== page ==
Judge chides Donald Trump lawyer's 'ridiculous' questioning in civil fraud trial

Donald Trump's business empire in peril as civil fraud trial continues in New York
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By Jack Queen

NEW YORK (Reuters) - A judge overseeing Donald Trump’s civil fraud trial pounded his fists in frustration with the former U.S. president’s lawyers on Wednesday for what he described as redundant and "ridiculous" cross-examination of a witness.

The heated exchange occurred on the third day of trial in a lawsuit by the New York attorney general’s office that threatens to dismantle Trump’s business empire over allegations that he inflated his net worth by billions of dollars to secure better loan and insurance terms.

On Tuesday, Justice Arthur Engoron imposed a gag order on public statements about court staff after Trump took to social media to lash out at the judge's top law clerk.

Trump, the frontrunner for the 2024 Republican presidential nomination, has denied wrongdoing and said the case is part of a political witch hunt.

Engoron alone will decide the outcome of the trial. There is no jury. He has already disciplined Trump’s lawyers for making what he said were "frivolous" arguments.

"This is ridiculous," Engoron said on Wednesday as one of Trump’s lawyers repeatedly asked his onetime accountant the same questions for each year at issue in the case.

"All I’m asking is that you lump things together so we do not waste time," Engoron said.

Trump, present in court for the third straight day, has repeatedly attacked New York Attorney General Letitia James and Engoron in remarks to reporters outside the courtroom, calling them "corrupt" and decrying the case as a "fraud and a sham."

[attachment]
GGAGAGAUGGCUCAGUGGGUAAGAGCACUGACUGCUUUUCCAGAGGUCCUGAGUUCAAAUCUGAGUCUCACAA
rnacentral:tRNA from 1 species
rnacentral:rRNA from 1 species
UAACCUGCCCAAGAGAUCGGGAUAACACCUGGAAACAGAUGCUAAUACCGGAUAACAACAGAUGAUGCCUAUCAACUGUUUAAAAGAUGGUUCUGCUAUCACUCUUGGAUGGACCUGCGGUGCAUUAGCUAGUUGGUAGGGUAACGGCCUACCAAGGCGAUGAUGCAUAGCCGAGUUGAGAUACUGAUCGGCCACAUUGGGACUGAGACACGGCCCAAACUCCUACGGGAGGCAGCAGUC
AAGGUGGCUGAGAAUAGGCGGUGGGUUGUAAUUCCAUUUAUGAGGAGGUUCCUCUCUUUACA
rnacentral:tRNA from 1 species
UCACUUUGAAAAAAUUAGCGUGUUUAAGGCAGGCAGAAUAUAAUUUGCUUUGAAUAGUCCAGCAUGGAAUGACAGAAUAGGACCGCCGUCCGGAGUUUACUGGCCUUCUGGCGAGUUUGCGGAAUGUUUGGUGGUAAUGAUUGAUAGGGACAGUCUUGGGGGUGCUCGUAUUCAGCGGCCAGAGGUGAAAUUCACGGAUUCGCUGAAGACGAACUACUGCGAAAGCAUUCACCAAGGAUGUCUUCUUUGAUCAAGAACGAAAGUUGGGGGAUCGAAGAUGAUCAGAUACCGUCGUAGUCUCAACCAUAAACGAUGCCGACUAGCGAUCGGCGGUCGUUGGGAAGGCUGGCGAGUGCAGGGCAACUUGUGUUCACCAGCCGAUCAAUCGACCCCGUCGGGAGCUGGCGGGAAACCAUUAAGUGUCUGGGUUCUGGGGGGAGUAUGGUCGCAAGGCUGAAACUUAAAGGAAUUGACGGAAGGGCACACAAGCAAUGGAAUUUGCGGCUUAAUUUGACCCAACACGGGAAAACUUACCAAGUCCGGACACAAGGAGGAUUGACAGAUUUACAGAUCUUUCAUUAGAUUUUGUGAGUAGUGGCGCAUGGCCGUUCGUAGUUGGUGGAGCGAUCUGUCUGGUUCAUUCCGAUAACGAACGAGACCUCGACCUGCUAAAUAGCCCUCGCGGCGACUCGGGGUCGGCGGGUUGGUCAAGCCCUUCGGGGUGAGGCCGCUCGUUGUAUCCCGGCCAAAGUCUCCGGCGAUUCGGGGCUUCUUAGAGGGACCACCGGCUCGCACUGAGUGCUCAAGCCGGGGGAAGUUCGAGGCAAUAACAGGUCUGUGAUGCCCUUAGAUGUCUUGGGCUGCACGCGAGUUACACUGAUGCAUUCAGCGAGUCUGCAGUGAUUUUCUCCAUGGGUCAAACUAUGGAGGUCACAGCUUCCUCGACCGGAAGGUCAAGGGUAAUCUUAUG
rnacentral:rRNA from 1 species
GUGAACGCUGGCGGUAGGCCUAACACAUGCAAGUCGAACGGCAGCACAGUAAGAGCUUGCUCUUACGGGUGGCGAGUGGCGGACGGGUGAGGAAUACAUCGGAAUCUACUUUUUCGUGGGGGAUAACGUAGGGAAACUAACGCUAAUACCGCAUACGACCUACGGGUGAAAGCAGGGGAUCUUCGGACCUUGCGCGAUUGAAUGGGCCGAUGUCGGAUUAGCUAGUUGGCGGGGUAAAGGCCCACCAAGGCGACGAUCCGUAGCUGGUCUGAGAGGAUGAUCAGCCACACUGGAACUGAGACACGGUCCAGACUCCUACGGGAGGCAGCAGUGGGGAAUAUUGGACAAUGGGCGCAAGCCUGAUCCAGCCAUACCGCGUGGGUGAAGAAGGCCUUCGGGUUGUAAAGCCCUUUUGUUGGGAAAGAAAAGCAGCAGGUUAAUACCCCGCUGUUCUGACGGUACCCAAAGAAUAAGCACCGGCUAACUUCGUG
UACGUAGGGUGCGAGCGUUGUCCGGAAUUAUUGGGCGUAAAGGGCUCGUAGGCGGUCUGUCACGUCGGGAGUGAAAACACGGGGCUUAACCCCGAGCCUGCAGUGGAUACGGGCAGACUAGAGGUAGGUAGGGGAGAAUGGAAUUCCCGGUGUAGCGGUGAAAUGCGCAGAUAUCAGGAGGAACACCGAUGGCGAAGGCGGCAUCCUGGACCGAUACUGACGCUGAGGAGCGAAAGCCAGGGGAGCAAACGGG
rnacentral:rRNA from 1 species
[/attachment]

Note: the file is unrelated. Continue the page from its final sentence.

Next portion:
"He already knows what he’s going to do," Trump said of Engoron on Wednesday.

Engoron ruled last week that Trump, his two adult sons and 10 of his companies committed fraud by inflating the value of their assets. The judge canceled the business certificates for companies controlling jewels of Trump's portfolio, including Trump Tower and 40 Wall Street in Manhattan. He said would appoint receivers to oversee the dissolution of those entities.

Trump’s lawyers appealed the decision on Wednesday.

The trial, which is expected to run through mid-December, largely concerns damages.

James, a Democrat, is seeking at least $250 million in fines, a permanent ban against Trump and his sons Donald Jr. and Eric from running businesses in New York, and a five-year commercial real estate ban against Trump and the Trump Organization.

Trump also faces four criminal indictments over his attempts to overturn Democrat Joe Biden's 2020 presidential election victory, his handling of classified documents after he left the White House, and hush money paid to a porn star. Trump has denied wrongdoing and pleaded not guilty in all of the cases. He also faces a January civil damages trial for defaming a writer who accused him of rape, which he denies.

(Reporting by Jack Queen; editing by Grant McCool)